IJCRR - Vol 11 Issue 12, June
Date of Publication: 19-Jun-2019
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Post Harvest Evaluation of Rice Hybrids for Grain and Cooking Qualities
Author: Anirban Nath, Disharee Nath, Chand Kumar Santra, Tapash Dasgupta
Category: Life Sciences
Abstract:Background: For commercial exploitation of rice hybrids, superior grain and cooking qualities are prerequisites. The current study evaluates thirty eight rice hybrids in terms of important grain and cooking quality parameters.
Materials and Methods: Performances associated with grain quality parameters like Hulling%, Milling%, Head rice recovery%, Kernel length, Kernel Breadth and L/B ratio were recorded. In case of cooking qualities, characters like Amylose content, Gel consistency, Alkali spreading value, Gelatinization temperature, Elongation ratio and water uptake were estimated. The data obtained from the quality performances were also compared with consumer preferences reported by earlier authors.
Results and Discussions: As per earlier reports, rice millers prefer 80 % Hulling, 70% milling and 65% head rice recovery. From the consumer's perspective long slender kernel, intermediate amylose, soft gel and intermediate gelatinization temperature are prerequisites. In the current investigation the hybrids like ADTRH1, GK5003 and Suruchi exhibited superior performances for all the grain qualities but lacked in one or more cooking quality parameters. On the contrary, hybrids like IR58025A x IR10198R, IR79156A x IR40750R, Sahyadri4, PSD 3 and PusaRH-10 exhibited superior cooking quality traits but lacked in one or more grain quality parameters. The hybrid IR80559A x IR6876-1 was the best performer fulfilling the criteria for most of the grain and cooking quality traits. A Correlation coefficient analysis was performed and significant correlations among the quality traits were elucidated. The analysis revealed that hulling (%) and head rice recovery (%) were significantly correlated with milling (%). Similarly Amylose content was negatively correlated with gel consistency.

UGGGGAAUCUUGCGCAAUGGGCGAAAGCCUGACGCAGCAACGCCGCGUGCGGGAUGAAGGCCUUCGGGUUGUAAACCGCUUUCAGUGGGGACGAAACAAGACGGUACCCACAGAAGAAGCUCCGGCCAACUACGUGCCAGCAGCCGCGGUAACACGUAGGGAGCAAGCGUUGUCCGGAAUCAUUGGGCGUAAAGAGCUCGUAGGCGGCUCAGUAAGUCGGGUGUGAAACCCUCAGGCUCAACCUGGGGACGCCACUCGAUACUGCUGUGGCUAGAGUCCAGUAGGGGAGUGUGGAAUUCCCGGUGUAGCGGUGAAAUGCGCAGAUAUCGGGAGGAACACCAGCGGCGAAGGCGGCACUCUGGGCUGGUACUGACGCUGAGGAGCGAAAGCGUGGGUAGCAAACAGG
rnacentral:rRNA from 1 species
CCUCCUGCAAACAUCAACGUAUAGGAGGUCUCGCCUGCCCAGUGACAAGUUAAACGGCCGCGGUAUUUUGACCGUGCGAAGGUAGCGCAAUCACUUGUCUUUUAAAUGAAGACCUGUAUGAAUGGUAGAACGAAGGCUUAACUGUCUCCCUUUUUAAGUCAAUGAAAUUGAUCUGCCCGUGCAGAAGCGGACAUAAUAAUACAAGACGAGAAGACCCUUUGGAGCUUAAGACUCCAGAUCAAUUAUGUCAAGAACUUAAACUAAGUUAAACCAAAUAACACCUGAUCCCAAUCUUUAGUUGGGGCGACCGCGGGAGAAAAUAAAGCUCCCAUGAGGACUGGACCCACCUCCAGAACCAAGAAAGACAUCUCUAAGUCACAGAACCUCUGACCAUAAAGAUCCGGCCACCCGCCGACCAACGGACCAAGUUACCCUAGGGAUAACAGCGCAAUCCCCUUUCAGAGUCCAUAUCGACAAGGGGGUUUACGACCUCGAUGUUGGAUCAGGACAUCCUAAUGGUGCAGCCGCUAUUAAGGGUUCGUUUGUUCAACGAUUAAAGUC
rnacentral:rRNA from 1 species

Conclusions: The hybrids showing superior grain and cooking qualities can be recommended for commercial production. The vital correlations can be used as tools for selection in terms of grain and cooking qualities.
Keywords: Hybrid rice, Hulling, Milling, Head rice recovery, Amylose content, Gel consistency, Gelatinization temperature, Correlation coefficient analysis
DOI URL: http://dx.doi.org/10.31782/IJCRR.2019.11124
The high grain yield attributed by hybrid vigour will only be worthwhile if ultimately the rice obtained is of high quality in terms of grain and cooking properties. In the absence of adequate grain and cooking quality associated with the grain obtained, the hybrid rice finally produced from a breeding program will be commercially inefficacious. Compared to other cereals, grain quality of rice is of crucial importance and determines the market price since rice is consumed as a whole grain. Also, the preferences in terms of cooking quality vary from region to region. In general, few desirable quality parameters like high milling %, head rice recovery %, grain shape, appearance, cooking qualities, palatability, etc are emphasized across rice growing regions. In most countries including India ‘long grain’ type of rice which is soft and non-sticky upon cooking are preferred over ‘short grained’ Japonica types which are sticky on cooking resulting from a low amylose content. In case of hybrid rice, achieving superior grain and cooking quality is challenging. Firstly the consumed grains belong to F2 generation. Secondly the sterile cytoplasm has significant influence on the quality traits associated with the grain as reported by Shivani et al. (2007), Yi and Cheng (1992), Virmani et al. (2003). The current study aims at evaluating 13 new hybrids (unreleased) and 25 commercially released hybrids for their physical grain and cooking qualities.